On 2018/01/07 10:11 PM, Bart Smissaert wrote:
Sure, in that case there can be no sensible column name.
In the great majority of cases though the select field will be of a single
table column, with or without
an expression. In those cases it will be helpful to get the non alias
column name.

To repeat an answer by Richard given for a recent other question (if a little paraphrased):

How much extra code, resources and memory are you willing to spend for ALL future queries so that you can know the sometimes available original column used in an alias?

I would prefer that answer to be "Zero".


"One would think that if sqlite3_column_name can get the alias name then
somehow it must
be possible to get the real column name."

One would be wrong if one would think that. Inside the code/engine there are no column names, only pointers, (in fact I think the engine has to make special memory space for storing the output names - it is this memory that gets interrogated when you call sqlite3_column_name()),  the names only exist as a method for humans to state the intent of the question - it is forgotten at earliest convenience if not directly intended for output, and those that do get added to output has to be collected/deduced at a non-zero resource cost already. (At least this is my current understanding, I might have it wrong).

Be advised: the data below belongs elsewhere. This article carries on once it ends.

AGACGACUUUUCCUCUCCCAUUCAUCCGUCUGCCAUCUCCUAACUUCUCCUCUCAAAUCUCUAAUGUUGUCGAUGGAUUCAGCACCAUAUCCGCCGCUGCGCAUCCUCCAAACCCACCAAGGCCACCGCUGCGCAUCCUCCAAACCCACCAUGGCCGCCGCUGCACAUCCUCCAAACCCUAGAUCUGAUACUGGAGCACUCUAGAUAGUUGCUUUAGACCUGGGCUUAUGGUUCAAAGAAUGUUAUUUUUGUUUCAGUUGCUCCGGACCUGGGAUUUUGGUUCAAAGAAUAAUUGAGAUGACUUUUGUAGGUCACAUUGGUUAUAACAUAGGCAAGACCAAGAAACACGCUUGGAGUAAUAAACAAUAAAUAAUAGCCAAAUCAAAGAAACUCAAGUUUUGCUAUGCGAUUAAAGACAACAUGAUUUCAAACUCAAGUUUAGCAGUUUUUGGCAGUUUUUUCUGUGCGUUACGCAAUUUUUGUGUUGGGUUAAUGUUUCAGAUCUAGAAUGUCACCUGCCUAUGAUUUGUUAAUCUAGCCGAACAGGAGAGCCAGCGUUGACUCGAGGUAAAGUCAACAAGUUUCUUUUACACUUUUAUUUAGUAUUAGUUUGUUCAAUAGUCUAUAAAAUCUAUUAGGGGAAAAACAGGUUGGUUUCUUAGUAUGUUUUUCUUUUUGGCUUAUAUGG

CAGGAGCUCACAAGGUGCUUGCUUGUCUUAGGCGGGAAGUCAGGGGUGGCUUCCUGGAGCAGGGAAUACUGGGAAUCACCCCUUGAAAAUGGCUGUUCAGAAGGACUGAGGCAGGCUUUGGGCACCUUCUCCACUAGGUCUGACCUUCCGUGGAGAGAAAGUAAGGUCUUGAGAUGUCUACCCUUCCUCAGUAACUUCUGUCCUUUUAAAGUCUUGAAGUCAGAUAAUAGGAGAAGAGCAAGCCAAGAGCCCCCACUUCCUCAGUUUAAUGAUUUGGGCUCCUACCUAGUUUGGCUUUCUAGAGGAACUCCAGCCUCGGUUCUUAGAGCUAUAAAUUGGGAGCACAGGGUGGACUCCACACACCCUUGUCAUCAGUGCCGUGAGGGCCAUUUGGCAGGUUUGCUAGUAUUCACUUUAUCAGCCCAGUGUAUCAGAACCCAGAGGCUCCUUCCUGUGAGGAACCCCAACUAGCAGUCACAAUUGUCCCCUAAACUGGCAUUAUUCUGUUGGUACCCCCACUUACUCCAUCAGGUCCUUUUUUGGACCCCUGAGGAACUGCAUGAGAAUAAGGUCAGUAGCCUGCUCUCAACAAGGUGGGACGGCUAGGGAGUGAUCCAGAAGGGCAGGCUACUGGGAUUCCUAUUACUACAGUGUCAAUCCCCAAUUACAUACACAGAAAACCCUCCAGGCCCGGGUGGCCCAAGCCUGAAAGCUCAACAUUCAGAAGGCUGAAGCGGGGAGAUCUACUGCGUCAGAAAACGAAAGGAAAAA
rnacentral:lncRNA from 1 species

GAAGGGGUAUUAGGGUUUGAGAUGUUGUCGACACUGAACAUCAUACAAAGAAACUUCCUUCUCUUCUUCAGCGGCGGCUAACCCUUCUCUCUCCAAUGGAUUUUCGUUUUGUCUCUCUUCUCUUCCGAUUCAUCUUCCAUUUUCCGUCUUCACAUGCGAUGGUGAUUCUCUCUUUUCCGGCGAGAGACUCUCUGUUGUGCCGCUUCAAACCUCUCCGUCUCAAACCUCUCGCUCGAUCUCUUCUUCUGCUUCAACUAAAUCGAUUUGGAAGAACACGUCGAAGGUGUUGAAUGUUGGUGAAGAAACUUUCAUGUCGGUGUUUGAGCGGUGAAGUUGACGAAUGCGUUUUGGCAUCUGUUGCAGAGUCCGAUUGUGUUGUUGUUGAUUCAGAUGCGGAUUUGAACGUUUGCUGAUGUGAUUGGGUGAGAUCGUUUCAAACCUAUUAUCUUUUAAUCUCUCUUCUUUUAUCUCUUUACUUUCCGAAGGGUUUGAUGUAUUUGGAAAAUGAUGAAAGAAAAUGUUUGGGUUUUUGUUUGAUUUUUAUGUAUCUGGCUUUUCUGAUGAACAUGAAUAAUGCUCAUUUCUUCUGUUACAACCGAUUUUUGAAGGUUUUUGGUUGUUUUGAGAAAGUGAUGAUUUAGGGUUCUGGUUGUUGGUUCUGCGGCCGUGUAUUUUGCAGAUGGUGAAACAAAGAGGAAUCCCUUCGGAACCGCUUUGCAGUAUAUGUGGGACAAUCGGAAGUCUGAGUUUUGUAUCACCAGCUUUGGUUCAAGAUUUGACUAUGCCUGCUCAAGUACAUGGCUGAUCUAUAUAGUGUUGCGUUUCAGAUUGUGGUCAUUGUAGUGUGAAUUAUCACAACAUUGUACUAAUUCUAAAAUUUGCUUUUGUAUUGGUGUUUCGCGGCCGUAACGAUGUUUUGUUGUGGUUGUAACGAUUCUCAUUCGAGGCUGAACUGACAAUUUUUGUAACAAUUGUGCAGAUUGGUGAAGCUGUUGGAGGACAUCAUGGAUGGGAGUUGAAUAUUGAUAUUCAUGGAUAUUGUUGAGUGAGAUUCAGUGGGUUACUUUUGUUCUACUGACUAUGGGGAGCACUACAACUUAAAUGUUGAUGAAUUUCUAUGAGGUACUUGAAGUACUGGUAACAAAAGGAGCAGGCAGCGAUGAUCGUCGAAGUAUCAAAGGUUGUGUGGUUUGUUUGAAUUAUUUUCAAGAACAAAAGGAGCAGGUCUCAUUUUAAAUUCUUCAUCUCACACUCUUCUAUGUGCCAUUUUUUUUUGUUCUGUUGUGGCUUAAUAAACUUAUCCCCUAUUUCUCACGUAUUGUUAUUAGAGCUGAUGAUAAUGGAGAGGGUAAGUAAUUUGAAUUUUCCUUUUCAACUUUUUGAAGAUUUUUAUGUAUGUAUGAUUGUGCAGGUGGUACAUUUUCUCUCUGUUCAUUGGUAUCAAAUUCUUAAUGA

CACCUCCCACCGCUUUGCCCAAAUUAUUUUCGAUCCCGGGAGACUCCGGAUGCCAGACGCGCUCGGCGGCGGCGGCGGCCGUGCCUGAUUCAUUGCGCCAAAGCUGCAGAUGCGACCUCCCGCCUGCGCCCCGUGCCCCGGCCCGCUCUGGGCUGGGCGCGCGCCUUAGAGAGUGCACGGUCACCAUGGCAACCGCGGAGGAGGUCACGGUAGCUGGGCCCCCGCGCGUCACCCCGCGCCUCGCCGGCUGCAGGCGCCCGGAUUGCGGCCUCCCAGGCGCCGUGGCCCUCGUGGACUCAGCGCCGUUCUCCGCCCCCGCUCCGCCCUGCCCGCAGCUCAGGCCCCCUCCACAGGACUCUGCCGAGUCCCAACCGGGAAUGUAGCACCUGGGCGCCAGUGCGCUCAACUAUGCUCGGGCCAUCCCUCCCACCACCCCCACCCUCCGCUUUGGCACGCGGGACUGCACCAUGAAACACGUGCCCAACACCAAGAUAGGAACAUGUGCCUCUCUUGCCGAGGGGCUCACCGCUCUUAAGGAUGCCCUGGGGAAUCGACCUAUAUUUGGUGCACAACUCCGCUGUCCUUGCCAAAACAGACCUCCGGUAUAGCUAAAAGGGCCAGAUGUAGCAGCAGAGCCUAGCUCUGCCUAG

Btw. - I am quite sure this holds for all DB engines, but if there is an engine out there that do let you trace back, I'd be interested to know.

Also, the assumption about the "vast majority of cases" is simply wrong. The vast majority of returned column names in queries are not aliases, indeed aliases are mostly used when the column value is a result of a function or combination of columns (such as Simon's reply suggested) where you need a good resulting reference name in the output. Are you using aliases for columns where they are not needed?

Further to this, there is nothing wrong with copying the name in the alias, such as: SELECT MAX(ColA) AS ColA FROM ....

Lastly, even if we involve zero column joining or functions, plain aliasing is a problem by itself. Consider this next query, what do you feel is the true original name of the output column sq1?
SELECT sq1 FROM (SELECT vc1 AS sq1 FROM v1);

HTH, and I hope this adequately illustrates why your request is not possible currently, not trivial to implement and also not widely requested.

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